Regression. Keep the knee of the base arm on the ground.

Progression. Use two dumbbells and alternate the kickbacks.

Partner Pull-Ups

Expert: Ben Blumenthal, managing director, British Military Fitness, Cape Town, South Africa

Equipment: partner

This fun—and challenging—exercise can be done with two or three people. It strengthens most muscle groups, especially those in the midback, upper back, lower body and core.

The Exercise. Stand facing a partner with feet slightly more than shoulder width apart, legs bent to 45 degrees. Keep the knees in line with the toes, and maintain a straight back at all times. With your right hand, grab your partner by the right hand in an overhand grip and lower him into a sitting position. Maintaining the squat position, pull your partner back to the standing position and switch hands. The “sitter” assists the upward movement by engaging the leg and core muscles.

Regression/Modification. To change the dynamic, work in threes. This variation requires two “pullers”—one standing on each side of the sitter. The person on the left holds a lunge position, with the right leg forward, and pulls with the left hand. The other puller does the opposite. Perform the exercise for a given time or complete a set number of repetitions, and then switch positions.

Progression. Instead of squatting, the sitter performs a jump squat or tuck jump.

The Run Lunge Tug of War

Expert: Nicole Pizzi, MPH, program manager, Wave House Athletic Club, San Diego

Equipment: resistance tube

Split the team into pairs. Each pair consists of a “holder” and a “runner”: the runner stands with her back to the holder; the holder wraps the resistance tube around the runner’s waist, securely holding both handles. Ask all holders to make sure they’ve got a tight grip on the handles before commencing. When ready, instruct the runners to run in place. Holders move forward in a walking lunge, simultaneously pulling the tubing handles into the rib cage with each step. Have participants perform the movement for 30 seconds and then switch positions. If space is limited, eliminate locomotion.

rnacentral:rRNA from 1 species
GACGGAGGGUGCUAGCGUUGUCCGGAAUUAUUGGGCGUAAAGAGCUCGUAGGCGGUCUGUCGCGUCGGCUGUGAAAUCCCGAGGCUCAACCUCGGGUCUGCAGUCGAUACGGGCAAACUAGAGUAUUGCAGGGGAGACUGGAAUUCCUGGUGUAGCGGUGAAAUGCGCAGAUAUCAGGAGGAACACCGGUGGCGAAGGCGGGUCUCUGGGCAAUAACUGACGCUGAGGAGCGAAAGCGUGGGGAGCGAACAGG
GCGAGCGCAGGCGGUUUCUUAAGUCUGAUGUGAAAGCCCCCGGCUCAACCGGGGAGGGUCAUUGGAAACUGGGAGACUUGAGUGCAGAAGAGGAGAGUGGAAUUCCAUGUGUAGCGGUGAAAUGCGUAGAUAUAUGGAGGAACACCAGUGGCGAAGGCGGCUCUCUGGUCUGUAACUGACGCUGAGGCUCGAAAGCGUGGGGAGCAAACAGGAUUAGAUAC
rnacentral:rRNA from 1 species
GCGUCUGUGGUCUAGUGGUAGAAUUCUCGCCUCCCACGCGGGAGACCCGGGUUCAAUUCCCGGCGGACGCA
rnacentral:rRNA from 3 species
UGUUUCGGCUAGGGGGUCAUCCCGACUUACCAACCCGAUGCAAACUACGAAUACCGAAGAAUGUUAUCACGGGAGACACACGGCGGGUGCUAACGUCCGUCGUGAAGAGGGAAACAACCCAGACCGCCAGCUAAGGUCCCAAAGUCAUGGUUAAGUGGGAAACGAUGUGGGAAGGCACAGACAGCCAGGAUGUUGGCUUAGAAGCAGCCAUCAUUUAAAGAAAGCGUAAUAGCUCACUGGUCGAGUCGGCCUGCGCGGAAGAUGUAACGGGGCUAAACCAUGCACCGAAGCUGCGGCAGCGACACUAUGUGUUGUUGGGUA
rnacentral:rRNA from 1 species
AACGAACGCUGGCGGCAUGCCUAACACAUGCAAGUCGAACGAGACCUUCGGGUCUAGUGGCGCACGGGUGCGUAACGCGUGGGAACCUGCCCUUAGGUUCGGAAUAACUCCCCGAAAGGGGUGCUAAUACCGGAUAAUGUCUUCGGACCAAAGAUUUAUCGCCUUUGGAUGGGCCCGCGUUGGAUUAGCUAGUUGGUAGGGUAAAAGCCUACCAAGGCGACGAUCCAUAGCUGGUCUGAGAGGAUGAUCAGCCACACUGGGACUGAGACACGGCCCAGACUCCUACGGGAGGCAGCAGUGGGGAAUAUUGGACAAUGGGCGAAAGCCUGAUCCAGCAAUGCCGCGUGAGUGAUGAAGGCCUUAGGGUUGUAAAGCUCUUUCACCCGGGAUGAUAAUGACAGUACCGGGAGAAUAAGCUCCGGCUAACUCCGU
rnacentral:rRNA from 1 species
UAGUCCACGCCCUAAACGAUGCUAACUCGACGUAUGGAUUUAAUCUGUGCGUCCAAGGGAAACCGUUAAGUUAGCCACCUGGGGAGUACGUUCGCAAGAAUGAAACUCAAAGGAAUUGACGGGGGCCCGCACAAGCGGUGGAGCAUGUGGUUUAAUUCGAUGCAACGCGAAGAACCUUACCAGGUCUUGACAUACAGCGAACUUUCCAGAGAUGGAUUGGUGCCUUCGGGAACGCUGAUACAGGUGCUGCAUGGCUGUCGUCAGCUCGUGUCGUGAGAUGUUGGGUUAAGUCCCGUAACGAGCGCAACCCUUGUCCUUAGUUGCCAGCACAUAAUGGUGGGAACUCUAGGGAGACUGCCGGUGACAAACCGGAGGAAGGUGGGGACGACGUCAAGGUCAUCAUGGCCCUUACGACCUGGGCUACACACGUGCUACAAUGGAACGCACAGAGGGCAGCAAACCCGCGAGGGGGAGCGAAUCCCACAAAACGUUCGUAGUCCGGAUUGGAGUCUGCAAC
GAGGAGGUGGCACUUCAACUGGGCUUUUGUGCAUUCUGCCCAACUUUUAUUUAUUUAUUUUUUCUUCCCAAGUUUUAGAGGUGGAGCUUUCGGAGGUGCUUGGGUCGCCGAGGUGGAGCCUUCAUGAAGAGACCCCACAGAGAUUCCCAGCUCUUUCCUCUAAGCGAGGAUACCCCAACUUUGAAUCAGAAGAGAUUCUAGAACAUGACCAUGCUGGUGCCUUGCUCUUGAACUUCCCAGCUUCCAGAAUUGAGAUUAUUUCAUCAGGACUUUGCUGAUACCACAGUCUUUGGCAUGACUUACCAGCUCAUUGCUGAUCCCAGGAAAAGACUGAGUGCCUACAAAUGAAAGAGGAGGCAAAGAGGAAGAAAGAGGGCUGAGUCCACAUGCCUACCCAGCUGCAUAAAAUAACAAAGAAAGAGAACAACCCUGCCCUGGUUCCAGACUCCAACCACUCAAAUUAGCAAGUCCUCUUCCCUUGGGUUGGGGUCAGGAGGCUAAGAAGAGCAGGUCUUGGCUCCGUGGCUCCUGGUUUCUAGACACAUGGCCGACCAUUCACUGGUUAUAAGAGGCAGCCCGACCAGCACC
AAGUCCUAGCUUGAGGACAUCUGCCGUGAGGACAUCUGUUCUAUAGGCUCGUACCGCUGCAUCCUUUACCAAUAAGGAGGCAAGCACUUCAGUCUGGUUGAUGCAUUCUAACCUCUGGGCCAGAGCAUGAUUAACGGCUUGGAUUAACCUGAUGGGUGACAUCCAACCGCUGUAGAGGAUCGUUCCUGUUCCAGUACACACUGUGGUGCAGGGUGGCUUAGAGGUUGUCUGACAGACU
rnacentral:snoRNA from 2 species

Regression. Runners: reduce intensity to a jog or a march in place. Pullers: alternate lunging in place or reduce range of motion with a step back.

Progression. Runners: do a high knee sprint or forward jumps. Pullers: add a plyometric component with a jumping lunge.

Build a Solid Boot Camp Business

Starting a boot camp business can be a lucrative opportunity for fitness professionals. In many cases the overhead is minimal, if nonexistent. Classes can be held in parks or at recreation centers for a small fee. Equipment adds variety to the program but isn’t necessary to produce an effective workout. However, best intentions and low expenses may not be enough to secure boot camp business success. Cat Smiley, owner of Canada’s first and longest-running fitness boot camp, The Original Boot Camp, offers insights for program longevity.

  • Trademark Your Business Name Early. Once you’ve decided to start a boot camp, you’ll want to come up with a good name. Check with local and national government agencies to determine whether the name is available before you spend any money on graphic design and website.
  • Be Yourself. Not all boot camps should be alike. Use your own confidence and creativity to make your program your own. Many trainers don’t have it in them to do the “tough-as-nails” boot camp. Instructors are most successful when they use their own personalities and styles while teaching.
  • Protect Yourself. If you are running an outdoor boot camp, you will need outdoor adventure waivers. Regular indoor or personal training waivers will not suffice. It is important to recognize that, as an outdoor activity, boot camp presents different types of dangers. For example, a participant might sprain an ankle on a pothole, or a tree might even fall on someone. Hire a lawyer and create an adventure-sport waiver.
  • Don’t Give Away the Farm for Free. Other trainers might call you and ask for tips and advice. Trust that you can be friendly and give advice without giving away trade secrets. Similarly, clients will sometimes want you to spend extra time helping them with exercises or nutrition advice after class. These are additional services that you can sell.
  • Stand Your Ground. Oftentimes, professionals will offer discounts or reduce prices to attract more participants. Set your price and stick with it. Have confidence that you are worth what you ask participants to pay.
  • Keep Numbers Manageable. A lot of people think success means having hundreds of people in class. My fitness insurance company recommends that I have no more than 10 clients per trainer. This is so that I can keep a watchful eye on all participants, which reduces risk and increases customer satisfaction. You might make more money with 20 clients, but if they hurt themselves owing to instructor negligence, those numbers will dwindle.
  • Avoid Early Expansion. As classes fill, it might seem alluring to hire multiple trainers to handle your classes. But extra trainers mean more overhead. If you keep things to yourself and show up to all the sessions, you earn all the income.
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Please see the accompanying videos (www.ideafit.com/top-boot-camp-moves) to view these exercises in action, with explanations from the experts themselves.